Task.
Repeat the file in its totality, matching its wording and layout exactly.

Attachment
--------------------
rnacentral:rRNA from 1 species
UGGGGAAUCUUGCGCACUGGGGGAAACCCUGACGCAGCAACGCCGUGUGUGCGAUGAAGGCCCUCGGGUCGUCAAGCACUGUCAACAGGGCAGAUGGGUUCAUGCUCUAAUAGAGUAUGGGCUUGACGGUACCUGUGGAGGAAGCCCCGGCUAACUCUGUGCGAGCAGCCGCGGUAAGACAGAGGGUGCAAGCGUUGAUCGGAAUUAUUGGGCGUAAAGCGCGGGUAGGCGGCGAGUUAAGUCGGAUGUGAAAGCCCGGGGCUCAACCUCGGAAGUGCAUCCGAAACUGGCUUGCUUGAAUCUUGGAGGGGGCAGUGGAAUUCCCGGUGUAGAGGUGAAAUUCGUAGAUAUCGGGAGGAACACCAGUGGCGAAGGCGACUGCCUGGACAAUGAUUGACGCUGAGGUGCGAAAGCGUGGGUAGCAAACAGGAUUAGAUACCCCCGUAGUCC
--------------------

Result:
rnacentral:rRNA from 1 species
UGGGGAAUCUUGCGCACUGGGGGAAACCCUGACGCAGCAACGCCGUGUGUGCGAUGAAGGCCCUCGGGUCGUCAAGCACUGUCAACAGGGCAGAUGGGUUCAUGCUCUAAUAGAGUAUGGGCUUGACGGUACCUGUGGAGGAAGCCCCGGCUAACUCUGUGCGAGCAGCCGCGGUAAGACAGAGGGUGCAAGCGUUGAUCGGAAUUAUUGGGCGUAAAGCGCGGGUAGGCGGCGAGUUAAGUCGGAUGUGAAAGCCCGGGGCUCAACCUCGGAAGUGCAUCCGAAACUGGCUUGCUUGAAUCUUGGAGGGGGCAGUGGAAUUCCCGGUGUAGAGGUGAAAUUCGUAGAUAUCGGGAGGAACACCAGUGGCGAAGGCGACUGCCUGGACAAUGAUUGACGCUGAGGUGCGAAAGCGUGGGUAGCAAACAGGAUUAGAUACCCCCGUAGUCC